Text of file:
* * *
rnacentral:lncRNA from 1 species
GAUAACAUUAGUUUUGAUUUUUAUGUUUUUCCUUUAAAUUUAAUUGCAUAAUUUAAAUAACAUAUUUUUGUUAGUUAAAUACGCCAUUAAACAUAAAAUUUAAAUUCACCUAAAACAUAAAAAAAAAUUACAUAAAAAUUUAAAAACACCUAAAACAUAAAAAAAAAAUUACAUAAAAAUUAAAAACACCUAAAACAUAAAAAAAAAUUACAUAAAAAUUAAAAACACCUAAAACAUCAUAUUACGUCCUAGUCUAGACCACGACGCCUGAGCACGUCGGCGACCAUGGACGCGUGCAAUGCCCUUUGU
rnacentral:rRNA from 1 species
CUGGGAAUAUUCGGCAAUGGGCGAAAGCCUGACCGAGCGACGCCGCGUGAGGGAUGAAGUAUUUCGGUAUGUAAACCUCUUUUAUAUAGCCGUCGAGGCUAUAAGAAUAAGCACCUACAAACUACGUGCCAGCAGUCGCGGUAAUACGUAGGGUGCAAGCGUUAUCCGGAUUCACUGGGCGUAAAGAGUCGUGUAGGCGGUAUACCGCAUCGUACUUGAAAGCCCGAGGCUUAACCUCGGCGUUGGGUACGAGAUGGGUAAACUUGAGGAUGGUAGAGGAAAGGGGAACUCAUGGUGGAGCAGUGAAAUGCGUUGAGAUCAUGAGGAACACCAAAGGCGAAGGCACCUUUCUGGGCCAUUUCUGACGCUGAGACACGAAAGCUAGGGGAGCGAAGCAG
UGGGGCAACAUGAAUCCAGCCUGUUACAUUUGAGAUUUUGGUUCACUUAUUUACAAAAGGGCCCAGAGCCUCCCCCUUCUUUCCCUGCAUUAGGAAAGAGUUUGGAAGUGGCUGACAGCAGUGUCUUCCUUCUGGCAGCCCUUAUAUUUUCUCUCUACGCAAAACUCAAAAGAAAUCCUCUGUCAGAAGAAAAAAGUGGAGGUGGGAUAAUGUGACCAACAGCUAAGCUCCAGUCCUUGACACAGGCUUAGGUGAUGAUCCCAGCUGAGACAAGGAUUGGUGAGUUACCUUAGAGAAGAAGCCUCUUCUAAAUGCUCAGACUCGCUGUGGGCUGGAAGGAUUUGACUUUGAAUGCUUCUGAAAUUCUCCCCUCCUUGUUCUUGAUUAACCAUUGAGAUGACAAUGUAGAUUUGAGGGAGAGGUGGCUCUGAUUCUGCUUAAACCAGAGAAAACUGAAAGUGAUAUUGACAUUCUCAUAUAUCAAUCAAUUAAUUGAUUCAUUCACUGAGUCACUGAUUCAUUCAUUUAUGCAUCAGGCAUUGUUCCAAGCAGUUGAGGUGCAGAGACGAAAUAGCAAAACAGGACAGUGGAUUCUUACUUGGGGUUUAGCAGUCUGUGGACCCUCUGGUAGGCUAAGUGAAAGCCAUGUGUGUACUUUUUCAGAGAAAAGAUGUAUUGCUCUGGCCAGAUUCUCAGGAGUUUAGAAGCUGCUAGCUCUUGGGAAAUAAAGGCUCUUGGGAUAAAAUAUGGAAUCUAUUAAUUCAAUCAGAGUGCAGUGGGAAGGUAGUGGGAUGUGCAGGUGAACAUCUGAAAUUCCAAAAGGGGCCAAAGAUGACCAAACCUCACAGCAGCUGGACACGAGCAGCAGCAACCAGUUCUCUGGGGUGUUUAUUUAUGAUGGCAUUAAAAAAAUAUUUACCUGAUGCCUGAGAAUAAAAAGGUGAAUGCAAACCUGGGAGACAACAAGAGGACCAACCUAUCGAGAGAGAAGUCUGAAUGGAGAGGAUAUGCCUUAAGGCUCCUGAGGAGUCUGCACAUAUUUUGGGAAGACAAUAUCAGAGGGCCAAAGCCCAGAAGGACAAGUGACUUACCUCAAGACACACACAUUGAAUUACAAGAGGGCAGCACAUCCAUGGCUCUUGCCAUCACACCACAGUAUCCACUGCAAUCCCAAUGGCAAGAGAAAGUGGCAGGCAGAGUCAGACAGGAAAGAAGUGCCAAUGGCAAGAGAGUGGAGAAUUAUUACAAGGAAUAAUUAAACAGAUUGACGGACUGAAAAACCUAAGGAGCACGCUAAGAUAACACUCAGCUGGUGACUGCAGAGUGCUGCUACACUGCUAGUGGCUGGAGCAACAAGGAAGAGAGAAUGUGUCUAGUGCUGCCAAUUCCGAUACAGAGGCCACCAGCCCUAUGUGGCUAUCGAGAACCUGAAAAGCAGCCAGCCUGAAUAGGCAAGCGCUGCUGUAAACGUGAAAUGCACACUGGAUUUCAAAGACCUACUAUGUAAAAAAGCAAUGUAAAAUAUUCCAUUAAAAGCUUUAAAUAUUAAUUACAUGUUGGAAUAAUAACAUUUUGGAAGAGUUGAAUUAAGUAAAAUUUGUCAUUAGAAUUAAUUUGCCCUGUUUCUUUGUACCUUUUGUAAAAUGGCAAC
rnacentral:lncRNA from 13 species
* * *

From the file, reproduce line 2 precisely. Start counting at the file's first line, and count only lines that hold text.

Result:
GAUAACAUUAGUUUUGAUUUUUAUGUUUUUCCUUUAAAUUUAAUUGCAUAAUUUAAAUAACAUAUUUUUGUUAGUUAAAUACGCCAUUAAACAUAAAAUUUAAAUUCACCUAAAACAUAAAAAAAAAUUACAUAAAAAUUUAAAAACACCUAAAACAUAAAAAAAAAAUUACAUAAAAAUUAAAAACACCUAAAACAUAAAAAAAAAUUACAUAAAAAUUAAAAACACCUAAAACAUCAUAUUACGUCCUAGUCUAGACCACGACGCCUGAGCACGUCGGCGACCAUGGACGCGUGCAAUGCCCUUUGU